Among the many rewards of her marriage were some 15 years spent in Mexico with her husband, an American born there. She began to draw on that experience when she went back to school, first to Scripps College in Claremont, then to Stanford.

At both schools she received what she calls "startling encouragement" in her writing. "Without that," she says, "I would have foundered and remained mute, I'm sure. I didn't have any particular faith in myself."

So little faith that after graduating in 1977, she moved out of the tiny rented house near Stanford with no thought of returning. But after being encouraged to join the graduate program, she came back a few months later.

She had written some short stories, which, she says, "weren't good enough to publish." But a group of linked stories about an American couple in a Mexican mountain town was accepted by Viking with a suggestion that she turn them into a novel.

Doerr's second novel, "Consider This, Senora," dealing with American expatriates living in a small Mexican village, came out in 1993. Now she's working on a series of autobiographical essays.

But to Doerr, this success, though remarkable, seems a continuum of her life-long love of words.

"I read all my life," she says. "Luckily there was no TV when I was a child.

"You read a book that's beautiful," she contends, "and you say, `Wouldn't it be wonderful to do this?' You put yourself in that person's consciousness."

The love of words makes her hate euphemisms. "I don't like saying `pass away' or `older,' " she contends. "When you're young, you're young, and when you're old, you're old."

Being able to capture "the way Spanish people talk and render it into English" may account for her acuity in capturing some essence of Latin culture.

But she also believes that two powerful tools of writing, memory and imagination, come together forcefully in old age.

"In old people, imagination and memory are practically interchangeable," she believes. "If my brothers and sisters were here and I were describing something that happened when I was 6, not one of them would agree with my description. But I don't think it makes any difference."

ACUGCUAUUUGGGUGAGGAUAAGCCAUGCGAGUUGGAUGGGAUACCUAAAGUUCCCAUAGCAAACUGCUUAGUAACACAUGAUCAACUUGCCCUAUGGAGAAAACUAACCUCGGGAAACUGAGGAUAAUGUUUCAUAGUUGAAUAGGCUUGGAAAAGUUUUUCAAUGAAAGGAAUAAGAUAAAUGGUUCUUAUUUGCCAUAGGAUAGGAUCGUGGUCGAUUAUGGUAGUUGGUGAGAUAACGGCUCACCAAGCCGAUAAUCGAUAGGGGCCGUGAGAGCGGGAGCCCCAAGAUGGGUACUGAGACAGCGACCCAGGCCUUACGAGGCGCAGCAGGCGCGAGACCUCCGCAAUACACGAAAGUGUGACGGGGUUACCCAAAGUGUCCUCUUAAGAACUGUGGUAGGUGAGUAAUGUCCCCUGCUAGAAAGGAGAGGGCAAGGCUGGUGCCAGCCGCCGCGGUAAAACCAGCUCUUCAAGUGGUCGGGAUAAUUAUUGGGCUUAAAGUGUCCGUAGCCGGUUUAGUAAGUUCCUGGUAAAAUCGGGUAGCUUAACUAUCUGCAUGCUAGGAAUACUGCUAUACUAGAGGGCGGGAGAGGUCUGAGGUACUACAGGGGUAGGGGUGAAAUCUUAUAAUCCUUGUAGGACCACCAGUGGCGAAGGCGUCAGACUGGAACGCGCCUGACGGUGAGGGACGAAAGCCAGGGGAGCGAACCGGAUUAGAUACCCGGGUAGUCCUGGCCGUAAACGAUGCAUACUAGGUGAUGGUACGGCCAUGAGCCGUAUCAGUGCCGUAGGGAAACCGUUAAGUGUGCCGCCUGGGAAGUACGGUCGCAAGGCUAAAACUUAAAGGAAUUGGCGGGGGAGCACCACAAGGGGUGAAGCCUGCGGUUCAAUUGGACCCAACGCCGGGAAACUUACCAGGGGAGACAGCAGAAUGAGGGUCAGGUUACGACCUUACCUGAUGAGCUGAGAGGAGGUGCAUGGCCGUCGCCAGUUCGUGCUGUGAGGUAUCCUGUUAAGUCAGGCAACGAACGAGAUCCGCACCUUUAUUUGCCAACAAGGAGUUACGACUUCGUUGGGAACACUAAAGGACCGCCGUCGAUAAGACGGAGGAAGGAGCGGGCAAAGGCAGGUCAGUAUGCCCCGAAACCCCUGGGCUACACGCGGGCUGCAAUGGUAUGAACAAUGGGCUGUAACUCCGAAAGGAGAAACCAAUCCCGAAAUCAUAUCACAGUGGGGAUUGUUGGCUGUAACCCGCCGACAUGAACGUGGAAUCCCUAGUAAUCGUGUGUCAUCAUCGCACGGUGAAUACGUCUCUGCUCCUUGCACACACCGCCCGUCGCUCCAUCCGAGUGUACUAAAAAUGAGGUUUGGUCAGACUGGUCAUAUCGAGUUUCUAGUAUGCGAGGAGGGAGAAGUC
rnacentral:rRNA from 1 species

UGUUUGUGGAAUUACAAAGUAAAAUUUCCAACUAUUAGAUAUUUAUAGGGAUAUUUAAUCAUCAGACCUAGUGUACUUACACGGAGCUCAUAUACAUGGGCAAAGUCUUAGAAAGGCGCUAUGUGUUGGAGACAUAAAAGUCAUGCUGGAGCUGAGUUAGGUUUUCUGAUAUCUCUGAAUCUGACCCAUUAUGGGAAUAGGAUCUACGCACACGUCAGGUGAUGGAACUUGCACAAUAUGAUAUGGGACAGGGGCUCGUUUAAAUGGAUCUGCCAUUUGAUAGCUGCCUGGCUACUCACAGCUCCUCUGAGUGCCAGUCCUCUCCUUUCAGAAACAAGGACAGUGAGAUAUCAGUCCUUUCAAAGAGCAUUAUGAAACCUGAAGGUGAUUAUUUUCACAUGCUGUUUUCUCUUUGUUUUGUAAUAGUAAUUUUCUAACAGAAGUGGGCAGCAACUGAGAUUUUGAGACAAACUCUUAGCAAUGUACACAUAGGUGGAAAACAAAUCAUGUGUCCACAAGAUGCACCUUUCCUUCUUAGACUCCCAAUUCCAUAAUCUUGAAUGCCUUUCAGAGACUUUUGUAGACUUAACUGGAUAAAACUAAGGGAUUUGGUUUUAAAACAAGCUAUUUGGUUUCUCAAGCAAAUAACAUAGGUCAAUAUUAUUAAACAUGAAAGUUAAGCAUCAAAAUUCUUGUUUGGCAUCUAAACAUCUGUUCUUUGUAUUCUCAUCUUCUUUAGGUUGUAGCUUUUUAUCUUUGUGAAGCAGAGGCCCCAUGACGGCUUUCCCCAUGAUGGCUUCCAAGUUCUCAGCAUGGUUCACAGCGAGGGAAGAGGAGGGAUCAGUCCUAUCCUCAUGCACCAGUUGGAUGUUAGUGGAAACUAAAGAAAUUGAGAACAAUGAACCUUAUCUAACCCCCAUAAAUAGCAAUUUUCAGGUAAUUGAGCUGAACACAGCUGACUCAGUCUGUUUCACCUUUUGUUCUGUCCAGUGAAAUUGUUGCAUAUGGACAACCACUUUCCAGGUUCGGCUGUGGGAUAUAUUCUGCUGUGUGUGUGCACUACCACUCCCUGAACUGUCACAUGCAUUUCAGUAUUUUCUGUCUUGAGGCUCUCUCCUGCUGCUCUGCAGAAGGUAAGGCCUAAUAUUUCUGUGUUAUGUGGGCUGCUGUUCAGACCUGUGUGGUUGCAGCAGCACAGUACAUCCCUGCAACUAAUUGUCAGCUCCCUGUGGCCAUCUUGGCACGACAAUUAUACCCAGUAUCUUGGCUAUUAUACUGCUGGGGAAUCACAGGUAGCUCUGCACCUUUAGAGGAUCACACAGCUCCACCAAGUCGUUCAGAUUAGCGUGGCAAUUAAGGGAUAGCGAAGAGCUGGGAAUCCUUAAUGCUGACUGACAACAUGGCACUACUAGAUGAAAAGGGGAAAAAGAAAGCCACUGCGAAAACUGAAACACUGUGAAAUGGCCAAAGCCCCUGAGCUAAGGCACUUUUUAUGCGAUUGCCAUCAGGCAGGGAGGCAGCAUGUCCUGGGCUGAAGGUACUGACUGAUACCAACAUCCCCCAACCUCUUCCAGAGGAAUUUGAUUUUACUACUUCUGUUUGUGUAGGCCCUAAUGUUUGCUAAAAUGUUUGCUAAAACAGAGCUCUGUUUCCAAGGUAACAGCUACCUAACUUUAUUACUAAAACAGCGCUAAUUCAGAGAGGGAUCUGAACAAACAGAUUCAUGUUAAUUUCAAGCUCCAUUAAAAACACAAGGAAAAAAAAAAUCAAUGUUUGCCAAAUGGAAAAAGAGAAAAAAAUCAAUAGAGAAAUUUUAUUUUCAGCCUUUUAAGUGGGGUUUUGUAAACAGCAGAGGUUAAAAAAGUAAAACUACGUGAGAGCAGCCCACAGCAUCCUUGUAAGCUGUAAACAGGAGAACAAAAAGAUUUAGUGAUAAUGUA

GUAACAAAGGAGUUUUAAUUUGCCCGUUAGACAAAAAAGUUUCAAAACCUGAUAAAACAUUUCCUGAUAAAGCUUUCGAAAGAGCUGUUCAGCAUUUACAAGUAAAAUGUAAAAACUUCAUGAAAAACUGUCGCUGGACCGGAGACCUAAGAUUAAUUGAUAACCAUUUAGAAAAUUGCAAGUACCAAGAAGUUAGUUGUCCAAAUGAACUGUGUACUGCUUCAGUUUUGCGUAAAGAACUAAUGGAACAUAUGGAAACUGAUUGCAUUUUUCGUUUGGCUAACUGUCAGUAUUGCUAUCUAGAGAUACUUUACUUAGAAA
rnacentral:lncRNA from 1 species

For George Ryder, creative fulfillment was a question of finally doing what he wanted to do. By the time he finished law school in 1940 to please his mother, he had also passed auditions at the Metropolitan Opera. But he didn't actually start singing until he was 65.

"In 1940 the Army decided what I should do," he notes wryly. After his military discharge, married with a child, he needed "to make a buck."

Ryder put his creative energy to work selling ideas. His first success was with little garbage cans to fit in small houses. Other ideas also sold well and he made some "very big bucks." He flew planes, drove motorcycles and ice skated.

But, he says, "It dawned on me I was doing everything to kill myself."

So at 65 he traded in his Cadillac for a van, returned to Philadelphia's Curtis School to study singing again, and decided to do Broadway songs instead of opera. Starting at Chautauqua, N.Y., he discovered his audience: elderly women. They loved his renditions of Paul Robeson, Rex Harrison, George M. Cohan, Maurice Chevalier.

Ryder took his show on the road, singing his way across the country, often at churches and synagogues. Eight years ago, he landed in San Francisco, where he now performs at a senior theater and on bay cruises.

He's also finishing a book on musical therapy for reducing stress. "Singing takes both sides of the mind, right and left," he says.

Ryder notes some surprising continuity between his two careers. "In business," he remarks, "you have to be nice to people - sing and dance, communicate. It's the same in the theater."

Then he adds, "I feel at home now. I'm 78, and it isn't over. I'm achieving some kind of happiness."

Perhaps no one is a better example of the creative long view than Beatrice Wood. As a teenaged rebel, she ran off to Paris to study theater, then, with the outbreak of World War I, returned to New York to act. She became involved there with an avant-garde group of artists known as Dada, winning the sobriquet, "the Mama of Dada."

But it wasn't until her 40s, in Los Angeles, that she found her true calling - ceramics. She eventually developed a style with a beautiful, lustrous glaze, and her fame spread. Wood's pieces can command $50,000, and critics say her best work was done in her 90s - so far.

Last year, a play was produced based on her and her favorite vices, titled "Young Men and Chocolates." Going on 102, Wood is still working, still laughing, still creating.